Archie, in the video, is beside himself with laughter. It seems to be inspired by a game his dad is playing with him. The child laughs with his whole body. He shivers, and prances with delight. He holds up his little hands and shrieks. He doubles over, clutching his belly and his hair flies out around his head, electrified with joy.  She watches the video over and over again. She isn’t crying, but the tears are running down her cheeks again quite without any input from her. She wipes them away with the sleeve of her dressing gown, and wipes her nose while she’s at it.  She turns up the sound. Archie’s laughter fills her study. She wants to be with him. She wants to hold his squirming body, catch his small hands in her own. Last time she saw him he was sick with a cold. He languished for long periods in her arms, and let her love him. He hadn’t been so long in her arms since he was a tiny infant, when she never wanted to put him to sleep in his cot where he ought to have been, even though his parents told her not to spoil him.

It’s all right, she thinks. Hold on. You can still want, so it’s not too bad. The worst time is when she can’t want. When all desire slips away, out of reach, and she can’t even remember how desire feels.

She turns off the video. She makes a plan. Shower. Dress. Take the dogs for a small walk, one that won’t exhaust Big Dog. Come home. Domestic tasks. One at a time. Then write. She must write. She must not give up writing.

Go out again, this time for a long walk with Little Dog. Take music. Stay out all morning. That way she won’t have to talk to anyone. That way she can concentrate on getting through this day the best she can.

It occurs to her that the only thing she knows how to do is to keep on keeping on.

She loads the dogs into the truck. The sun is shining. It’s warm now.

She can only write about herself in the third person. It’s better than nothing, she thinks.

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40 Responses to “Black dog”

  1. Mindy August 10, 2013 at 11:26 am #

    Does listening to Leonard help? Keep your headphones in, you can successfully ignore people all day that way. (((hugs)))

    Like

  2. Veronica Foale August 10, 2013 at 11:55 am #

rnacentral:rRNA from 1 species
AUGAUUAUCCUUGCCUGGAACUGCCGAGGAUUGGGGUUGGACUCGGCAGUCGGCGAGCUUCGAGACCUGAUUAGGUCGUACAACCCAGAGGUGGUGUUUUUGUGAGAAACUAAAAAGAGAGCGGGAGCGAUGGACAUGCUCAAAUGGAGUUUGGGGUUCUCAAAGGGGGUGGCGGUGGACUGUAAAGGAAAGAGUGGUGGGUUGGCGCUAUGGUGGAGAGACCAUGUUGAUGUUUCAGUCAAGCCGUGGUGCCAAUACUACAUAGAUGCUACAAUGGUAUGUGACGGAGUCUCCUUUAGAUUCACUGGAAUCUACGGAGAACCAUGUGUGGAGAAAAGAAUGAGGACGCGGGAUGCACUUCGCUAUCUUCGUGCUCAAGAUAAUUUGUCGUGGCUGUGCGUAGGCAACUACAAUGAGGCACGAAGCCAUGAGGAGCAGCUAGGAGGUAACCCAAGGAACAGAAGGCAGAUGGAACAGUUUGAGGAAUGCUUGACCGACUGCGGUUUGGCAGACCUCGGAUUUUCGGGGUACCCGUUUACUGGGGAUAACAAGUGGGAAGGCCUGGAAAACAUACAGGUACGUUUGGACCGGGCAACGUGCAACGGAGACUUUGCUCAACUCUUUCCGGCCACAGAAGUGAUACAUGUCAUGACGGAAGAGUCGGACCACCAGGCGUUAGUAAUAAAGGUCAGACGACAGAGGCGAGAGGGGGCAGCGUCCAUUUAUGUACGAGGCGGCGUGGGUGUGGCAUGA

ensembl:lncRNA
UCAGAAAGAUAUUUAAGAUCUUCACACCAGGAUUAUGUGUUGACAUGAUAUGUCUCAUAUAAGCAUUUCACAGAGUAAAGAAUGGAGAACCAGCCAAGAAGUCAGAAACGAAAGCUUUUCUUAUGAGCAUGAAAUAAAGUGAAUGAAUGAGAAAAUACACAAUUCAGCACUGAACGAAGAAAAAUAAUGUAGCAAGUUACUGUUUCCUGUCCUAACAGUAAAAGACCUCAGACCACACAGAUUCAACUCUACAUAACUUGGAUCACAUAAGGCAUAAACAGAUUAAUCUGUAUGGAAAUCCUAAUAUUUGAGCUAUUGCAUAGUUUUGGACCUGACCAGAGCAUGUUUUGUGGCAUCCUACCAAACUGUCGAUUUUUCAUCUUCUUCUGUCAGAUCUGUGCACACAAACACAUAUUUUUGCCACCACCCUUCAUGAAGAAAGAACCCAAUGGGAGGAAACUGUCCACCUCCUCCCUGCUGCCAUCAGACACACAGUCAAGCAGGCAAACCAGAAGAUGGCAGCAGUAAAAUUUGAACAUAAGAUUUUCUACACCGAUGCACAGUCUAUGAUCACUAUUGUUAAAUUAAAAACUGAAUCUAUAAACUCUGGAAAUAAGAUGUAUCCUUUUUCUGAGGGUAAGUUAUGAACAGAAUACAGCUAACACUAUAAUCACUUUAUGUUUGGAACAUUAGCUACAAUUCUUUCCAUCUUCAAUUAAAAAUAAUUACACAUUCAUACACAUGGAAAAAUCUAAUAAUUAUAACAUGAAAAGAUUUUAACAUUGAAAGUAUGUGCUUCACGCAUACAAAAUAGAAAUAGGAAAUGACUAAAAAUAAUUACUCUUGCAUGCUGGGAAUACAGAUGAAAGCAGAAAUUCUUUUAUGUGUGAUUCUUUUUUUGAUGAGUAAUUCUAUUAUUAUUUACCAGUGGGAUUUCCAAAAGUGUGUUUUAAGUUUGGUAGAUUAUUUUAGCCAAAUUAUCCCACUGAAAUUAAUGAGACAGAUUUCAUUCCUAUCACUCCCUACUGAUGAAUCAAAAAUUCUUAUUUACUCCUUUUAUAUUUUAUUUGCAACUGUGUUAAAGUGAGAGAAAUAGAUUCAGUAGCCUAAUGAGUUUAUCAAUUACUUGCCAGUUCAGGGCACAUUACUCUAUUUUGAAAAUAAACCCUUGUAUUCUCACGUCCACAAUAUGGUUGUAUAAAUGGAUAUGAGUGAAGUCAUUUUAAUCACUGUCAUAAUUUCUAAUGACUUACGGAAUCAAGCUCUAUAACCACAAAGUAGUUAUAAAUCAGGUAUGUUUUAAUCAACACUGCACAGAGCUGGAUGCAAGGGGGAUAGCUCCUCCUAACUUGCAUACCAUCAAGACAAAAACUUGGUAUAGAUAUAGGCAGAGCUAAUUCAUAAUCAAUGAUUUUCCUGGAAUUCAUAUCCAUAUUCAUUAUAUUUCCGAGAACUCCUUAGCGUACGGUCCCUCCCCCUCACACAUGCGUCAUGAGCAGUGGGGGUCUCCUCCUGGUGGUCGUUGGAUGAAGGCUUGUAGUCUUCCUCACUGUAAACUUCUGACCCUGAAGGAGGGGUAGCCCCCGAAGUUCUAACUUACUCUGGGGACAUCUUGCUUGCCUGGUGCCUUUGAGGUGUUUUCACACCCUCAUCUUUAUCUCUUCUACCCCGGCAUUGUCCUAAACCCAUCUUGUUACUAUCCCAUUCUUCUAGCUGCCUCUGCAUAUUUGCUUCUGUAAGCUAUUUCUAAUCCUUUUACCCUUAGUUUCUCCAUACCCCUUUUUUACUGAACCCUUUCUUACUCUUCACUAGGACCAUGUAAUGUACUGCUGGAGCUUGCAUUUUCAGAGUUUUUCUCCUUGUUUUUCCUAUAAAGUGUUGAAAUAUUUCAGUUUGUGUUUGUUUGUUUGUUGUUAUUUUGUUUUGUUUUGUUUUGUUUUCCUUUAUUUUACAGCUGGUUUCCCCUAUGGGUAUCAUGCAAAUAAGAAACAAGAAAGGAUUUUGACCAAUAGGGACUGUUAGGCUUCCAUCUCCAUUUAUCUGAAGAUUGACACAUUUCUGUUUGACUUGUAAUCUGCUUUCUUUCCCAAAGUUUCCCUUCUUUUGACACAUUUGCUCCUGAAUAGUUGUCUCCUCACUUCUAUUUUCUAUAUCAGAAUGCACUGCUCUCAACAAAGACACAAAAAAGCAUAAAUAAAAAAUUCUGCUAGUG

I feel this so deeply. I am so tired. So very tired.

    Wishing for you hot cups of tea, long soothing walks and silence in which to keep writing.

    Like

    • Jennifer Wilson August 10, 2013 at 1:15 pm #

      And I wish for you the things you most need to get through the exhaustion. xxx

      Like

  3. Poirot August 10, 2013 at 12:47 pm #

    Jennifer,

    Thank you for keeping the lines of communication open.

    It’s hard to know what to say, yet with the thought that one needs to say something.

    I used to correspond with the Irish writer, Nuala O’Faolain for a while, sometime after she wrote “Are You Somebody?” She was a passionate complicated lady who, through her own pain, articulated beautifully her thoughts and demons.

    I wrote her a poem, but didn’t send it to her (because I’m not a poet)..and then we lost touch…and then she died.

    Can I send my poem for her to you, even though it was written for an Irish woman? ….as a form of caress and comfort

    Because it’s really for anyone who finds themselves lost – (and you remind me of her)

    Thinking of you, I think of your land,
    Though neither has known the touch of my hand.
    In you the essence of Ireland is there,
    The warm flow of life, the ebb – the despair.

    You’re the river of life flowing out to the sea,
    The nourishing rain on the shimmering green.
    You’re the scattered and lost who fled Erin’s shores,
    The rent in the fabric, the holes that were torn.
    You’re the triumph of time, the crumbling of stone,
    The longing of those who meant to come home.
    You’re a banquet for those who devoured you whole,
    The British, your body – the Romans, your soul.
    You’re the vanquished who cried from the crypt to be heard,
    Took the tongue of your master and spoke your own words.
    You’re the deafening silence, the suffering child
    The passion distilled from one crowded mile.
    You’re the mother of genius – the feminine one,
    Bloom is your father – Dedalus, your son.
    You’re churches and pubs and pagans and priests,
    The flickering embers of ancestors grief.
    You’re style and shambles all rolled into one